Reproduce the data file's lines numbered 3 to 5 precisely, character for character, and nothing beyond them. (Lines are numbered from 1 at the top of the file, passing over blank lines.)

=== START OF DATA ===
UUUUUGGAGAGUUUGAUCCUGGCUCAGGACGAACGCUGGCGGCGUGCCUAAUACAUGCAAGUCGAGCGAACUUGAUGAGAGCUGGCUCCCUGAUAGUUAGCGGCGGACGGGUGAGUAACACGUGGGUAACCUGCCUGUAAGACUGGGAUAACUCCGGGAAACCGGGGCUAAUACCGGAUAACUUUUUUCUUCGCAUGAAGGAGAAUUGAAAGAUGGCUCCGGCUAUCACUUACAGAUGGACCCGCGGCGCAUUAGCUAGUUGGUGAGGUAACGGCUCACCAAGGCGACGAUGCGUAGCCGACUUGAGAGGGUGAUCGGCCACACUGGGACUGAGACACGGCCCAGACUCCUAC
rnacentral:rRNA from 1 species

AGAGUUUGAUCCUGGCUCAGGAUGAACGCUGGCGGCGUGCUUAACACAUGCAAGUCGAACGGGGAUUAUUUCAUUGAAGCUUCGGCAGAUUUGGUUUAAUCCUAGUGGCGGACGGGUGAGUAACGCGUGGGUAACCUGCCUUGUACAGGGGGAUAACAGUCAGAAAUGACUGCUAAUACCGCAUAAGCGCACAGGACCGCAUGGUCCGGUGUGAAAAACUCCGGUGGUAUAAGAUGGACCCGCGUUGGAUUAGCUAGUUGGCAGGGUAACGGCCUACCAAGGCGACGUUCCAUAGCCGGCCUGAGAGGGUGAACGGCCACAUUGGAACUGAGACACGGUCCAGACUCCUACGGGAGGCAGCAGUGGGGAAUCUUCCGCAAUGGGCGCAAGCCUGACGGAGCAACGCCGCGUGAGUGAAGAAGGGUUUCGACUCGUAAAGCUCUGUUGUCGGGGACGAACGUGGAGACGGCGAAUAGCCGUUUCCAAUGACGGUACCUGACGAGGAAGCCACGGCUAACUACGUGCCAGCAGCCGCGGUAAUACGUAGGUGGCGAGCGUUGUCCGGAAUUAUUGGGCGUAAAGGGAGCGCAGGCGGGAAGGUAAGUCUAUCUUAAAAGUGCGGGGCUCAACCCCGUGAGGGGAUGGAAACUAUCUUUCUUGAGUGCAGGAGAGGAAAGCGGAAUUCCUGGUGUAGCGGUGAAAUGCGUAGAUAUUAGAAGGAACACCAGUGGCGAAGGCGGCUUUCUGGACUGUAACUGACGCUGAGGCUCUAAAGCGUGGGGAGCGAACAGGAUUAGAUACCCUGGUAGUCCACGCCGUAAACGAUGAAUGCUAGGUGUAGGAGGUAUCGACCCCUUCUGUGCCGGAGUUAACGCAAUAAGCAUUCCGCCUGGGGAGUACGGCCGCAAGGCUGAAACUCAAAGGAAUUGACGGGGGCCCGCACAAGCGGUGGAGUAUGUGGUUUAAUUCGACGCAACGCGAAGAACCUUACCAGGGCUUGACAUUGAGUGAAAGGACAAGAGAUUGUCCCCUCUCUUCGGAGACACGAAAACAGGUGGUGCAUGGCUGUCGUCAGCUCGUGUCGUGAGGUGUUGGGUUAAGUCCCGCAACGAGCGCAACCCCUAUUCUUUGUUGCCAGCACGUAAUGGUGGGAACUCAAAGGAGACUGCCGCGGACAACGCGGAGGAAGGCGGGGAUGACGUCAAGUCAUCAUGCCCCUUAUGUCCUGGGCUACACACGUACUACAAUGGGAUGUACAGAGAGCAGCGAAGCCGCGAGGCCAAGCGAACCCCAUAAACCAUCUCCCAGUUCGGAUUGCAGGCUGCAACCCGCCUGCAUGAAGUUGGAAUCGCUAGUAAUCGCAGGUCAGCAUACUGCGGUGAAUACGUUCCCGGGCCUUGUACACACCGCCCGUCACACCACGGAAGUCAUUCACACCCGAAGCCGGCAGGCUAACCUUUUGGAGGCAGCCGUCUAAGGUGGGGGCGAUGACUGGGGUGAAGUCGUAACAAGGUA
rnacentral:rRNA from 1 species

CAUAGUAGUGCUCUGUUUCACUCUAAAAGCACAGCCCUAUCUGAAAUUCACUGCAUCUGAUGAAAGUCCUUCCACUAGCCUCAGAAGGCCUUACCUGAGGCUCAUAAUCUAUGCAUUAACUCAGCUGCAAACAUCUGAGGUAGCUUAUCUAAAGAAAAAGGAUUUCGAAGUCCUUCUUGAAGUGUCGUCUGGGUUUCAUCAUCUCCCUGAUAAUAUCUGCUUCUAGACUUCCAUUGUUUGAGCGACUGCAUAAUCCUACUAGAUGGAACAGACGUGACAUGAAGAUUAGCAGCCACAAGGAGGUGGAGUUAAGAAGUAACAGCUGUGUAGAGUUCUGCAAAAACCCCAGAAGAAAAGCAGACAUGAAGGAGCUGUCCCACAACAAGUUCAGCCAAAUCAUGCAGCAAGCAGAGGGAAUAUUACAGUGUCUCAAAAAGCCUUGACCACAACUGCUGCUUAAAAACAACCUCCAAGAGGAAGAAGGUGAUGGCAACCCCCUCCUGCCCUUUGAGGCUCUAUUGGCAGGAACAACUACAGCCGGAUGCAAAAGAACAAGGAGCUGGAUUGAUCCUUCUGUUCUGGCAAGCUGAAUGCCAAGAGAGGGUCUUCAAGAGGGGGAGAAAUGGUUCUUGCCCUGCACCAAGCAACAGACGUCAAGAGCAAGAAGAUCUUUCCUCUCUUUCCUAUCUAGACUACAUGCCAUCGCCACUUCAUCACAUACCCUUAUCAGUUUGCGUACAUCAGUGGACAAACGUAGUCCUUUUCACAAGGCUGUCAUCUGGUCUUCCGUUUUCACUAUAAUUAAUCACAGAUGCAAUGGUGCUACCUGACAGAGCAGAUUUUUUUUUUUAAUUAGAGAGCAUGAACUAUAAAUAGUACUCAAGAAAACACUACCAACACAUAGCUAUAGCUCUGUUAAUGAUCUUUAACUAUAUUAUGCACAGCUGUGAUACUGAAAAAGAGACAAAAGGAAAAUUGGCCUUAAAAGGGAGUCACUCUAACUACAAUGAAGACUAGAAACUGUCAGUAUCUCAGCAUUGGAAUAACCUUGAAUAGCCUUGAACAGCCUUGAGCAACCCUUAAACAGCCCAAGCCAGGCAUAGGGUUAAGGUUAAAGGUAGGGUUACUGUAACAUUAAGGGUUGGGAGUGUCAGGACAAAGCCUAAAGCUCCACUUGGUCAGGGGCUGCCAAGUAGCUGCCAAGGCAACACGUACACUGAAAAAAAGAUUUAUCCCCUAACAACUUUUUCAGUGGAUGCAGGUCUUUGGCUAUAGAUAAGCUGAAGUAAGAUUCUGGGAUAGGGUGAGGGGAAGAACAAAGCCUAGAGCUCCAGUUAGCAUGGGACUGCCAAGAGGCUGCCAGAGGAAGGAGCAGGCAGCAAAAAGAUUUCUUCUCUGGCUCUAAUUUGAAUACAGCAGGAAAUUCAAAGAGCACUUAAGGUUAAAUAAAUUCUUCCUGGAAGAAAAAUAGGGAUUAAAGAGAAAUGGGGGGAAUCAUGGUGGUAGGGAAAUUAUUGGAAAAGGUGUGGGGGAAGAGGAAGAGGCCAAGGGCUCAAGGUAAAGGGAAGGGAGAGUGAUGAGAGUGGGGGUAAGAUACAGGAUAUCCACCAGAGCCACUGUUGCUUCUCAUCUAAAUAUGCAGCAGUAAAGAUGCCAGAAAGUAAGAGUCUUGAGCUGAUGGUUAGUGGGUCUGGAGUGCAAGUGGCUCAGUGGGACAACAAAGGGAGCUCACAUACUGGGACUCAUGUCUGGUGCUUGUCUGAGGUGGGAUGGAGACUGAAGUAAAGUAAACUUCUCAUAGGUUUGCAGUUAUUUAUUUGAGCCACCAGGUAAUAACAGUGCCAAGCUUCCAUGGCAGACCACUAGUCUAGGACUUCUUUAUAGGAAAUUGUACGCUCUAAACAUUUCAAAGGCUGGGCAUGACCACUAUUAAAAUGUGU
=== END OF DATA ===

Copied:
AGAGUUUGAUCCUGGCUCAGGAUGAACGCUGGCGGCGUGCUUAACACAUGCAAGUCGAACGGGGAUUAUUUCAUUGAAGCUUCGGCAGAUUUGGUUUAAUCCUAGUGGCGGACGGGUGAGUAACGCGUGGGUAACCUGCCUUGUACAGGGGGAUAACAGUCAGAAAUGACUGCUAAUACCGCAUAAGCGCACAGGACCGCAUGGUCCGGUGUGAAAAACUCCGGUGGUAUAAGAUGGACCCGCGUUGGAUUAGCUAGUUGGCAGGGUAACGGCCUACCAAGGCGACGUUCCAUAGCCGGCCUGAGAGGGUGAACGGCCACAUUGGAACUGAGACACGGUCCAGACUCCUACGGGAGGCAGCAGUGGGGAAUCUUCCGCAAUGGGCGCAAGCCUGACGGAGCAACGCCGCGUGAGUGAAGAAGGGUUUCGACUCGUAAAGCUCUGUUGUCGGGGACGAACGUGGAGACGGCGAAUAGCCGUUUCCAAUGACGGUACCUGACGAGGAAGCCACGGCUAACUACGUGCCAGCAGCCGCGGUAAUACGUAGGUGGCGAGCGUUGUCCGGAAUUAUUGGGCGUAAAGGGAGCGCAGGCGGGAAGGUAAGUCUAUCUUAAAAGUGCGGGGCUCAACCCCGUGAGGGGAUGGAAACUAUCUUUCUUGAGUGCAGGAGAGGAAAGCGGAAUUCCUGGUGUAGCGGUGAAAUGCGUAGAUAUUAGAAGGAACACCAGUGGCGAAGGCGGCUUUCUGGACUGUAACUGACGCUGAGGCUCUAAAGCGUGGGGAGCGAACAGGAUUAGAUACCCUGGUAGUCCACGCCGUAAACGAUGAAUGCUAGGUGUAGGAGGUAUCGACCCCUUCUGUGCCGGAGUUAACGCAAUAAGCAUUCCGCCUGGGGAGUACGGCCGCAAGGCUGAAACUCAAAGGAAUUGACGGGGGCCCGCACAAGCGGUGGAGUAUGUGGUUUAAUUCGACGCAACGCGAAGAACCUUACCAGGGCUUGACAUUGAGUGAAAGGACAAGAGAUUGUCCCCUCUCUUCGGAGACACGAAAACAGGUGGUGCAUGGCUGUCGUCAGCUCGUGUCGUGAGGUGUUGGGUUAAGUCCCGCAACGAGCGCAACCCCUAUUCUUUGUUGCCAGCACGUAAUGGUGGGAACUCAAAGGAGACUGCCGCGGACAACGCGGAGGAAGGCGGGGAUGACGUCAAGUCAUCAUGCCCCUUAUGUCCUGGGCUACACACGUACUACAAUGGGAUGUACAGAGAGCAGCGAAGCCGCGAGGCCAAGCGAACCCCAUAAACCAUCUCCCAGUUCGGAUUGCAGGCUGCAACCCGCCUGCAUGAAGUUGGAAUCGCUAGUAAUCGCAGGUCAGCAUACUGCGGUGAAUACGUUCCCGGGCCUUGUACACACCGCCCGUCACACCACGGAAGUCAUUCACACCCGAAGCCGGCAGGCUAACCUUUUGGAGGCAGCCGUCUAAGGUGGGGGCGAUGACUGGGGUGAAGUCGUAACAAGGUA
rnacentral:rRNA from 1 species

CAUAGUAGUGCUCUGUUUCACUCUAAAAGCACAGCCCUAUCUGAAAUUCACUGCAUCUGAUGAAAGUCCUUCCACUAGCCUCAGAAGGCCUUACCUGAGGCUCAUAAUCUAUGCAUUAACUCAGCUGCAAACAUCUGAGGUAGCUUAUCUAAAGAAAAAGGAUUUCGAAGUCCUUCUUGAAGUGUCGUCUGGGUUUCAUCAUCUCCCUGAUAAUAUCUGCUUCUAGACUUCCAUUGUUUGAGCGACUGCAUAAUCCUACUAGAUGGAACAGACGUGACAUGAAGAUUAGCAGCCACAAGGAGGUGGAGUUAAGAAGUAACAGCUGUGUAGAGUUCUGCAAAAACCCCAGAAGAAAAGCAGACAUGAAGGAGCUGUCCCACAACAAGUUCAGCCAAAUCAUGCAGCAAGCAGAGGGAAUAUUACAGUGUCUCAAAAAGCCUUGACCACAACUGCUGCUUAAAAACAACCUCCAAGAGGAAGAAGGUGAUGGCAACCCCCUCCUGCCCUUUGAGGCUCUAUUGGCAGGAACAACUACAGCCGGAUGCAAAAGAACAAGGAGCUGGAUUGAUCCUUCUGUUCUGGCAAGCUGAAUGCCAAGAGAGGGUCUUCAAGAGGGGGAGAAAUGGUUCUUGCCCUGCACCAAGCAACAGACGUCAAGAGCAAGAAGAUCUUUCCUCUCUUUCCUAUCUAGACUACAUGCCAUCGCCACUUCAUCACAUACCCUUAUCAGUUUGCGUACAUCAGUGGACAAACGUAGUCCUUUUCACAAGGCUGUCAUCUGGUCUUCCGUUUUCACUAUAAUUAAUCACAGAUGCAAUGGUGCUACCUGACAGAGCAGAUUUUUUUUUUUAAUUAGAGAGCAUGAACUAUAAAUAGUACUCAAGAAAACACUACCAACACAUAGCUAUAGCUCUGUUAAUGAUCUUUAACUAUAUUAUGCACAGCUGUGAUACUGAAAAAGAGACAAAAGGAAAAUUGGCCUUAAAAGGGAGUCACUCUAACUACAAUGAAGACUAGAAACUGUCAGUAUCUCAGCAUUGGAAUAACCUUGAAUAGCCUUGAACAGCCUUGAGCAACCCUUAAACAGCCCAAGCCAGGCAUAGGGUUAAGGUUAAAGGUAGGGUUACUGUAACAUUAAGGGUUGGGAGUGUCAGGACAAAGCCUAAAGCUCCACUUGGUCAGGGGCUGCCAAGUAGCUGCCAAGGCAACACGUACACUGAAAAAAAGAUUUAUCCCCUAACAACUUUUUCAGUGGAUGCAGGUCUUUGGCUAUAGAUAAGCUGAAGUAAGAUUCUGGGAUAGGGUGAGGGGAAGAACAAAGCCUAGAGCUCCAGUUAGCAUGGGACUGCCAAGAGGCUGCCAGAGGAAGGAGCAGGCAGCAAAAAGAUUUCUUCUCUGGCUCUAAUUUGAAUACAGCAGGAAAUUCAAAGAGCACUUAAGGUUAAAUAAAUUCUUCCUGGAAGAAAAAUAGGGAUUAAAGAGAAAUGGGGGGAAUCAUGGUGGUAGGGAAAUUAUUGGAAAAGGUGUGGGGGAAGAGGAAGAGGCCAAGGGCUCAAGGUAAAGGGAAGGGAGAGUGAUGAGAGUGGGGGUAAGAUACAGGAUAUCCACCAGAGCCACUGUUGCUUCUCAUCUAAAUAUGCAGCAGUAAAGAUGCCAGAAAGUAAGAGUCUUGAGCUGAUGGUUAGUGGGUCUGGAGUGCAAGUGGCUCAGUGGGACAACAAAGGGAGCUCACAUACUGGGACUCAUGUCUGGUGCUUGUCUGAGGUGGGAUGGAGACUGAAGUAAAGUAAACUUCUCAUAGGUUUGCAGUUAUUUAUUUGAGCCACCAGGUAAUAACAGUGCCAAGCUUCCAUGGCAGACCACUAGUCUAGGACUUCUUUAUAGGAAAUUGUACGCUCUAAACAUUUCAAAGGCUGGGCAUGACCACUAUUAAAAUGUGU